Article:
In Defense of Ska March 2022 Newsletter
I’m still reeling after watching an amazing show with We Are The Union, Eichlers, and Half Past Two at the Bottom of the Hill in San Francisco. All the bands were great, but I was particularly excited to see how confident they all were in their own versions of ska and to see how enthusiastic the audiences were for it. It feels like there is energy for a new generation of ska. And I’m here for it!
We also had an incredible month here at In Defense of Ska. If you are a Patreon subscriber, we’ve released bonus interviews and commentary every week, and we put out a fun bonus episode, a debate as to whether The Police should be considered a ska band. Middagh Goodwin (“This Is Ska” radio show) argued NO, bringing a technical point of view to the discussion. Sean Dolan (Blue Meanies) argued YES, bringing a cultural argument to the debate. It was a great discussion on where exactly the line rests on what is and isn’t ska.
We also had five normal episodes in March. We started things out with a panel discussion about The Skatalites’ trombonist Don Drummond. We brought on author Heather Augustyn, author Adam Reeves, and Skatalities manager/keyboardist Ken Stewart. Together, we told the story of Don’s musical genius and his short, tragic life. Also, we explained how ska developed in Jamaica in the late 50s/early 60s. It was great! We might do more of these educational panel discussions.
Rory Phillips from The Impossibles came on the show and came well prepared. He read my book, and he thought long and hard about the band’s legacy before we spoke. The Impossibles were a unique 90s ska band that mixed Op Ivy style ska-punk with emo and Weezer elements. They also suffered serious ska shame when the music fell out of favor. He addressed all of that, which was cathartic. We also talked about his power-pop band The Stereo, which he started in the late 90s with Animal Chin frontman Jamie Woolford.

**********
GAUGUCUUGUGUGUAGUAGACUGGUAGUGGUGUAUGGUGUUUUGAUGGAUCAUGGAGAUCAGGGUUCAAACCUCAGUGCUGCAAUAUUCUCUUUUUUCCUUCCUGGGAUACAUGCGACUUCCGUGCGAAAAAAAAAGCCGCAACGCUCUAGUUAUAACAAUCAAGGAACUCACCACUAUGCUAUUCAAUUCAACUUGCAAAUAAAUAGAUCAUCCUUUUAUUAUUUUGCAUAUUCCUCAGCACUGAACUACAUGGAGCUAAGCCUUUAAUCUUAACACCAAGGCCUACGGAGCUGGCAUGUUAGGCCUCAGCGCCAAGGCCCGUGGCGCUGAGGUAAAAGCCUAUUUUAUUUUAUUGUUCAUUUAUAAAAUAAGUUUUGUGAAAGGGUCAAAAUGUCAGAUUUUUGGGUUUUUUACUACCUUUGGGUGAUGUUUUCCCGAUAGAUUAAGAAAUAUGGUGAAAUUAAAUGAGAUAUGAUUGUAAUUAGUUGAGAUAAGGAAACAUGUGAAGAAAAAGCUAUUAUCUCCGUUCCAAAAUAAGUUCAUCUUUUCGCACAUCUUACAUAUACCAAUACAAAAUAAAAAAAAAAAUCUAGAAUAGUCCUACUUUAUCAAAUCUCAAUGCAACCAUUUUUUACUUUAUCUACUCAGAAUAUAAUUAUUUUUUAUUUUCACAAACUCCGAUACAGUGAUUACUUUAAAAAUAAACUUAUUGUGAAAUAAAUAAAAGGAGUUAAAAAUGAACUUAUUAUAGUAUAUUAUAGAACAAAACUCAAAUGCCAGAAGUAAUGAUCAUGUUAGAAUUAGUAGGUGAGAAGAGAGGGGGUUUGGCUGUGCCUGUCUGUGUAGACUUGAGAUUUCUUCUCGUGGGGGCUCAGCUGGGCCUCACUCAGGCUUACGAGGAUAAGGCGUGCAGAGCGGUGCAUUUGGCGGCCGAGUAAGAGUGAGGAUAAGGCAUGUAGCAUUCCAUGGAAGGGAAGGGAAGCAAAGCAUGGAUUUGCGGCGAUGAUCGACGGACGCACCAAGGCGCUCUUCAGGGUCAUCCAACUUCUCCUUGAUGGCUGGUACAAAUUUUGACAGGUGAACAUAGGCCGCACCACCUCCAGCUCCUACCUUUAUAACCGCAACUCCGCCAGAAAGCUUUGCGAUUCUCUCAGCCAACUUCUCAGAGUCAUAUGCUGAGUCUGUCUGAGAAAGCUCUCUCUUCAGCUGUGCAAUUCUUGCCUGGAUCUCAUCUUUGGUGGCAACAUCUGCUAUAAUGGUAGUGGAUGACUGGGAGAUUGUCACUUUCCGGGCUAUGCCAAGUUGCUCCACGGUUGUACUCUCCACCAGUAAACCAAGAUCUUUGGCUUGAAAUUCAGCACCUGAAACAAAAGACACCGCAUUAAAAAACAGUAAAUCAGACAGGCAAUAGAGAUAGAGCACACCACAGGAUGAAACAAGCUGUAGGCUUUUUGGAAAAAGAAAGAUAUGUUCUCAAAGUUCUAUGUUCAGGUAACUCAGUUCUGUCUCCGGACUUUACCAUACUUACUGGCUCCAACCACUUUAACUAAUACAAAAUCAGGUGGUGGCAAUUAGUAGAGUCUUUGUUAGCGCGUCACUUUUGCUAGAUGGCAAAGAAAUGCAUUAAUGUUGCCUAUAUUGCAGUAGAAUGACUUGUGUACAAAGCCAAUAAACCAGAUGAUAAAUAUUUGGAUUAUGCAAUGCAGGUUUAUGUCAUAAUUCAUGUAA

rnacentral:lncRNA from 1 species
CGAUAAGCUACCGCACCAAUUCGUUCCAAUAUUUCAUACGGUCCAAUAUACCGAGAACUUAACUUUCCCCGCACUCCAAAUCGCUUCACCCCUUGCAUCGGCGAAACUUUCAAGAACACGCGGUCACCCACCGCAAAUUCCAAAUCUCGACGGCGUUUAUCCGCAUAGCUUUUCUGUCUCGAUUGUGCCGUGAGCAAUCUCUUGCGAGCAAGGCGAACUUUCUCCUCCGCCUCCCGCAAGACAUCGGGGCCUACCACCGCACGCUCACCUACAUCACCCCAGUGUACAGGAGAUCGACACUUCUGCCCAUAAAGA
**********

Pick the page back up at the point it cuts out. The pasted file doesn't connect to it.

One of our deepest episodes followed. Derek Zanetti from The Homeless Gospel Choir chatted with us about his oppressive religious upbringing, and how punk and ska literally saved his life. Derek got very real with us. But there were also a lot of funny moments. We rifled through his ska tape collection and found one by some band called Korn! He also referred to Adam and me by our full names. That Derek Zanetti is a lovely chap.
The last two weeks were a discussion about some of the new elements young artists are bringing to ska. First, we chatted with Eichlers, who Adam and I have known since he was a 17-year punk kid from the San Jose music scene in the early 2010s. Nowadays, Eichlers is mixing ska with emo trap, weirdo electronic music and hyperpop. It’s some of the most exciting new ska music happening at the moment. It’s also quite polarizing. A lot of ska fans hate it. But, as I saw at that Bottom of the Hill show, a bunch of kids were mesmerized by what he was doing.
Two of our favorite new artists are Kmoy and Tape Girl. They have separate projects, but they also work together a lot. They call what they’re doing “Laptop Ska.” It’s a mix of lo-fi bedroom indie pop and ska. Early Bomb The Music Industry is a big influence. On this episode, Kmoy and Tape Girl took over the normally highly structured show. And it was glorious. Listen to it several times in a row. You won’t regret it!
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